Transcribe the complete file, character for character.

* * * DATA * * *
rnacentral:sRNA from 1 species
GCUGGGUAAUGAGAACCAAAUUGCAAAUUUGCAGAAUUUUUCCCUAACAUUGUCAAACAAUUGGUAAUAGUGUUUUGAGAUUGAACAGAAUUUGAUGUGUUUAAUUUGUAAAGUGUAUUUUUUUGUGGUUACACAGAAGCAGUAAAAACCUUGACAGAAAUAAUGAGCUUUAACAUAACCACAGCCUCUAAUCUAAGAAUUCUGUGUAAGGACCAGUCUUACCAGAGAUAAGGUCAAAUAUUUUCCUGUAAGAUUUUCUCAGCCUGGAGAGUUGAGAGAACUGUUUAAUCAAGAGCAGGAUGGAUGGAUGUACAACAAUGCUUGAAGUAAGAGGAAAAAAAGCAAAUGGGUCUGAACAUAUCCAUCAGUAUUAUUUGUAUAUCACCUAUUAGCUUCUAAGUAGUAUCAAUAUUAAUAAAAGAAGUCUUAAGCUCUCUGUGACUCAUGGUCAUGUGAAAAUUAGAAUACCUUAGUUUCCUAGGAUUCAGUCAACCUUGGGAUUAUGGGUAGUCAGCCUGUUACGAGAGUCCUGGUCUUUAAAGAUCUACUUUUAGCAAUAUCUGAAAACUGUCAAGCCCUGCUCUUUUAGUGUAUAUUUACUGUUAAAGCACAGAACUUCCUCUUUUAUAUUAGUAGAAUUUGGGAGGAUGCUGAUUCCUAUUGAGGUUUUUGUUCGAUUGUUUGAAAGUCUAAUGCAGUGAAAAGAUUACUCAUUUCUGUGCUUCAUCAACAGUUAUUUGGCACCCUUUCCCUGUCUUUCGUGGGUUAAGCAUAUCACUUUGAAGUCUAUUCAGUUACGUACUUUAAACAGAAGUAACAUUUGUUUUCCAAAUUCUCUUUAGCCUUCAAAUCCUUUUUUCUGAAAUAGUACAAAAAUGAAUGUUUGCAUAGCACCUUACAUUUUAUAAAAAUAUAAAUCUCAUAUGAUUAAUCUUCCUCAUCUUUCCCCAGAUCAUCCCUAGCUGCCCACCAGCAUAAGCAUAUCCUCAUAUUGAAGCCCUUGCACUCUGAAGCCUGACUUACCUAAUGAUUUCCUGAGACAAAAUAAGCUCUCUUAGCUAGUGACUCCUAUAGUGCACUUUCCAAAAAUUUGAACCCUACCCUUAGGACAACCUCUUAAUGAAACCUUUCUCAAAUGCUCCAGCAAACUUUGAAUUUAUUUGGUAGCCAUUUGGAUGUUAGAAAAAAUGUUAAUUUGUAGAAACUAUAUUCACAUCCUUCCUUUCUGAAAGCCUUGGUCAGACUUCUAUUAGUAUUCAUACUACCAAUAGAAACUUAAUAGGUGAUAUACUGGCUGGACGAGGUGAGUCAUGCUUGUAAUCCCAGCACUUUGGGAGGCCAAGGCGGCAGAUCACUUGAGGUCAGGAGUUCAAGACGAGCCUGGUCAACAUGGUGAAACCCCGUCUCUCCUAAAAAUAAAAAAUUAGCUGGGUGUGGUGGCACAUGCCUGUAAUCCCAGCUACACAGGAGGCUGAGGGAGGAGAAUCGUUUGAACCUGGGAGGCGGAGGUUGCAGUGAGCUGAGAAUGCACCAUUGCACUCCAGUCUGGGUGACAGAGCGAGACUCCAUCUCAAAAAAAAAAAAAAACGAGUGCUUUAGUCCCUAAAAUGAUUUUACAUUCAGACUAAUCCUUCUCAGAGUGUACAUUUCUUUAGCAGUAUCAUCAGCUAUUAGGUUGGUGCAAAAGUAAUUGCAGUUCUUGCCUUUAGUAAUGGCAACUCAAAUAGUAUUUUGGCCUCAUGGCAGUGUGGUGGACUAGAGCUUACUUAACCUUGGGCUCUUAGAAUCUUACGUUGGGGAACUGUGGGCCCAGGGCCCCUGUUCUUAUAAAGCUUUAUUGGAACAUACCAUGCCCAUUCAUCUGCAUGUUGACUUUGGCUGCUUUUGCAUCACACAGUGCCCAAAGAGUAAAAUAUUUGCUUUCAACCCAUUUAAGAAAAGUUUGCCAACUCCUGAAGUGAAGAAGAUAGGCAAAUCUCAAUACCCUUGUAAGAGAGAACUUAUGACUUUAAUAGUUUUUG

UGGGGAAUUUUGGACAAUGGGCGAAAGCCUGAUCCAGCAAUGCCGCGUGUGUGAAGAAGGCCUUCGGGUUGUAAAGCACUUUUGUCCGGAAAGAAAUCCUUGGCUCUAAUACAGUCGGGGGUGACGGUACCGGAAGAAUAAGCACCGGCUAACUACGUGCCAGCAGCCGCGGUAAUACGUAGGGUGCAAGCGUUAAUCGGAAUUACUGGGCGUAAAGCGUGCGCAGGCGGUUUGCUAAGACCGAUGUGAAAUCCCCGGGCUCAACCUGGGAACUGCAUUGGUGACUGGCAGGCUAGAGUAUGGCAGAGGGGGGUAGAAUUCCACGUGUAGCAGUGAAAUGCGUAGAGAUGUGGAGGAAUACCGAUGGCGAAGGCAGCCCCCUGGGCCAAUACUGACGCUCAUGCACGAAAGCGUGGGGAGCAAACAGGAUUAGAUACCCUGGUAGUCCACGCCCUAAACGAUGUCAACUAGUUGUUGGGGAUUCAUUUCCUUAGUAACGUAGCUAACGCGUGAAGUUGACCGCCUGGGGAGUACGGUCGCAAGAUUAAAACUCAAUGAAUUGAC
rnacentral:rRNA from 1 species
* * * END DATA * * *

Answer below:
rnacentral:sRNA from 1 species
GCUGGGUAAUGAGAACCAAAUUGCAAAUUUGCAGAAUUUUUCCCUAACAUUGUCAAACAAUUGGUAAUAGUGUUUUGAGAUUGAACAGAAUUUGAUGUGUUUAAUUUGUAAAGUGUAUUUUUUUGUGGUUACACAGAAGCAGUAAAAACCUUGACAGAAAUAAUGAGCUUUAACAUAACCACAGCCUCUAAUCUAAGAAUUCUGUGUAAGGACCAGUCUUACCAGAGAUAAGGUCAAAUAUUUUCCUGUAAGAUUUUCUCAGCCUGGAGAGUUGAGAGAACUGUUUAAUCAAGAGCAGGAUGGAUGGAUGUACAACAAUGCUUGAAGUAAGAGGAAAAAAAGCAAAUGGGUCUGAACAUAUCCAUCAGUAUUAUUUGUAUAUCACCUAUUAGCUUCUAAGUAGUAUCAAUAUUAAUAAAAGAAGUCUUAAGCUCUCUGUGACUCAUGGUCAUGUGAAAAUUAGAAUACCUUAGUUUCCUAGGAUUCAGUCAACCUUGGGAUUAUGGGUAGUCAGCCUGUUACGAGAGUCCUGGUCUUUAAAGAUCUACUUUUAGCAAUAUCUGAAAACUGUCAAGCCCUGCUCUUUUAGUGUAUAUUUACUGUUAAAGCACAGAACUUCCUCUUUUAUAUUAGUAGAAUUUGGGAGGAUGCUGAUUCCUAUUGAGGUUUUUGUUCGAUUGUUUGAAAGUCUAAUGCAGUGAAAAGAUUACUCAUUUCUGUGCUUCAUCAACAGUUAUUUGGCACCCUUUCCCUGUCUUUCGUGGGUUAAGCAUAUCACUUUGAAGUCUAUUCAGUUACGUACUUUAAACAGAAGUAACAUUUGUUUUCCAAAUUCUCUUUAGCCUUCAAAUCCUUUUUUCUGAAAUAGUACAAAAAUGAAUGUUUGCAUAGCACCUUACAUUUUAUAAAAAUAUAAAUCUCAUAUGAUUAAUCUUCCUCAUCUUUCCCCAGAUCAUCCCUAGCUGCCCACCAGCAUAAGCAUAUCCUCAUAUUGAAGCCCUUGCACUCUGAAGCCUGACUUACCUAAUGAUUUCCUGAGACAAAAUAAGCUCUCUUAGCUAGUGACUCCUAUAGUGCACUUUCCAAAAAUUUGAACCCUACCCUUAGGACAACCUCUUAAUGAAACCUUUCUCAAAUGCUCCAGCAAACUUUGAAUUUAUUUGGUAGCCAUUUGGAUGUUAGAAAAAAUGUUAAUUUGUAGAAACUAUAUUCACAUCCUUCCUUUCUGAAAGCCUUGGUCAGACUUCUAUUAGUAUUCAUACUACCAAUAGAAACUUAAUAGGUGAUAUACUGGCUGGACGAGGUGAGUCAUGCUUGUAAUCCCAGCACUUUGGGAGGCCAAGGCGGCAGAUCACUUGAGGUCAGGAGUUCAAGACGAGCCUGGUCAACAUGGUGAAACCCCGUCUCUCCUAAAAAUAAAAAAUUAGCUGGGUGUGGUGGCACAUGCCUGUAAUCCCAGCUACACAGGAGGCUGAGGGAGGAGAAUCGUUUGAACCUGGGAGGCGGAGGUUGCAGUGAGCUGAGAAUGCACCAUUGCACUCCAGUCUGGGUGACAGAGCGAGACUCCAUCUCAAAAAAAAAAAAAAACGAGUGCUUUAGUCCCUAAAAUGAUUUUACAUUCAGACUAAUCCUUCUCAGAGUGUACAUUUCUUUAGCAGUAUCAUCAGCUAUUAGGUUGGUGCAAAAGUAAUUGCAGUUCUUGCCUUUAGUAAUGGCAACUCAAAUAGUAUUUUGGCCUCAUGGCAGUGUGGUGGACUAGAGCUUACUUAACCUUGGGCUCUUAGAAUCUUACGUUGGGGAACUGUGGGCCCAGGGCCCCUGUUCUUAUAAAGCUUUAUUGGAACAUACCAUGCCCAUUCAUCUGCAUGUUGACUUUGGCUGCUUUUGCAUCACACAGUGCCCAAAGAGUAAAAUAUUUGCUUUCAACCCAUUUAAGAAAAGUUUGCCAACUCCUGAAGUGAAGAAGAUAGGCAAAUCUCAAUACCCUUGUAAGAGAGAACUUAUGACUUUAAUAGUUUUUG

UGGGGAAUUUUGGACAAUGGGCGAAAGCCUGAUCCAGCAAUGCCGCGUGUGUGAAGAAGGCCUUCGGGUUGUAAAGCACUUUUGUCCGGAAAGAAAUCCUUGGCUCUAAUACAGUCGGGGGUGACGGUACCGGAAGAAUAAGCACCGGCUAACUACGUGCCAGCAGCCGCGGUAAUACGUAGGGUGCAAGCGUUAAUCGGAAUUACUGGGCGUAAAGCGUGCGCAGGCGGUUUGCUAAGACCGAUGUGAAAUCCCCGGGCUCAACCUGGGAACUGCAUUGGUGACUGGCAGGCUAGAGUAUGGCAGAGGGGGGUAGAAUUCCACGUGUAGCAGUGAAAUGCGUAGAGAUGUGGAGGAAUACCGAUGGCGAAGGCAGCCCCCUGGGCCAAUACUGACGCUCAUGCACGAAAGCGUGGGGAGCAAACAGGAUUAGAUACCCUGGUAGUCCACGCCCUAAACGAUGUCAACUAGUUGUUGGGGAUUCAUUUCCUUAGUAACGUAGCUAACGCGUGAAGUUGACCGCCUGGGGAGUACGGUCGCAAGAUUAAAACUCAAUGAAUUGAC
rnacentral:rRNA from 1 species